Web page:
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Accepted answer

To list all prime numbers less then specific number you should use Sieve of Eratosthenes. It is much faster then your algorithm.

Your algorithm is so slow becouse it checks every number with all prime numbers less than it until it finds its divisor. So every number will be checked with at least one prime number. But when checked number grows, the list of primes grows and number of possible checks grows.

There will be numbers rejected after many checks. For example number 26 will be rejected after checking 2,3,5,7,11,13.

Additionally every prime number will be accepted after checking all less prime numbers.

Comparing to your algorithm, Sieve of Eratosthenes algorithm will 'touch' every number once marking it as 'prime' or 'not prime'.

score:0

As mentioned by @rtruszk, the following code reposted from my answer on the other linked question for a true Sieve of Eratosthenes (SoE) will run much faster than your code for larger ranges:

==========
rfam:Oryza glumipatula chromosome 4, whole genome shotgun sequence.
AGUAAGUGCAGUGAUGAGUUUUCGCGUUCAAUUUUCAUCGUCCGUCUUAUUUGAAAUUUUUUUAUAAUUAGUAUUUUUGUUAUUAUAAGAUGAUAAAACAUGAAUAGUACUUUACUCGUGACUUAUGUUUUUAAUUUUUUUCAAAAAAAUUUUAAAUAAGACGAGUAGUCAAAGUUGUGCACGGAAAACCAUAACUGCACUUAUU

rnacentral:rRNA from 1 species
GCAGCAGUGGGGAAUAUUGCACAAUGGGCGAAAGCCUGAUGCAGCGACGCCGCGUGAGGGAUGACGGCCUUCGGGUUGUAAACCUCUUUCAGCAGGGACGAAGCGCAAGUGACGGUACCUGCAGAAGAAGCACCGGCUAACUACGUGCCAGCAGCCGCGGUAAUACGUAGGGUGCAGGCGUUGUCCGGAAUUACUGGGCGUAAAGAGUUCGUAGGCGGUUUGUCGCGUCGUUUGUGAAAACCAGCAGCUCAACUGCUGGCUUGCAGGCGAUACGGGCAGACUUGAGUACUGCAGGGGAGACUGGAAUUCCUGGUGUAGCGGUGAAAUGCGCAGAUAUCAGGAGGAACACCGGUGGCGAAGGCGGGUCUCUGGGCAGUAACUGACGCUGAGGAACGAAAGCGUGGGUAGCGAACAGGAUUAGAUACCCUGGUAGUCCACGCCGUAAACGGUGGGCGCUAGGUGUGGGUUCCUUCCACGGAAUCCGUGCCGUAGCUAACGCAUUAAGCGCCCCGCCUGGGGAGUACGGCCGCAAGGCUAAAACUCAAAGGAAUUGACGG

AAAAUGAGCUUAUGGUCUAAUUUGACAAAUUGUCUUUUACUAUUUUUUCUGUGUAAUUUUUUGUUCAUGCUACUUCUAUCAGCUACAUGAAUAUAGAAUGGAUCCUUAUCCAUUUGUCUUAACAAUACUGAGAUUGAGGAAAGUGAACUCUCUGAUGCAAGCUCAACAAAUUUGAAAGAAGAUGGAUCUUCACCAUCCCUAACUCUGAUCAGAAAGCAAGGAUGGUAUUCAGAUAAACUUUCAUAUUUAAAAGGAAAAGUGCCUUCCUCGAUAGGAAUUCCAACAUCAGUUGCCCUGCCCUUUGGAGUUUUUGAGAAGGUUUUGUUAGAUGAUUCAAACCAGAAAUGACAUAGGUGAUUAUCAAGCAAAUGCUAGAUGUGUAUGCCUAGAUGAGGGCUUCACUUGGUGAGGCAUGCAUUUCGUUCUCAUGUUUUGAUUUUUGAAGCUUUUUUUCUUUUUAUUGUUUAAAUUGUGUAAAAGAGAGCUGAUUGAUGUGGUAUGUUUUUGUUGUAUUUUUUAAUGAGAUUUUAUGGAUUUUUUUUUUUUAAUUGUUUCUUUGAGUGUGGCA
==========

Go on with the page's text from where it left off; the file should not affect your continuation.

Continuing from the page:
object SoE {
  def makeSoE_Primes(top: Int): Iterator[Int] = {
    val topndx = (top - 3) / 2
    val nonprms = new scala.collection.mutable.BitSet(topndx + 1)
    def cullp(i: Int) = {
      import scala.annotation.tailrec; val p = i + i + 3
      @tailrec def cull(c: Int): Unit = if (c <= topndx) { nonprms += c; cull(c + p) }
      cull((p * p - 3) >>> 1)
    }
    (0 to (Math.sqrt(top).toInt - 3) >>> 1).filterNot { nonprms }.foreach { cullp }
    Iterator.single(2) ++ (0 to topndx).filterNot { nonprms }.map { i: Int => i + i + 3 }
  }
}

The above code is mostly of a functional form (using tail recursion or higher order functions as well as immutability other than for the contents of the BitSet array used for fast sieving of composite numbers). It isn't quite as fast as using the Java.util.BitSet, but the resulting code is slightly more elegant.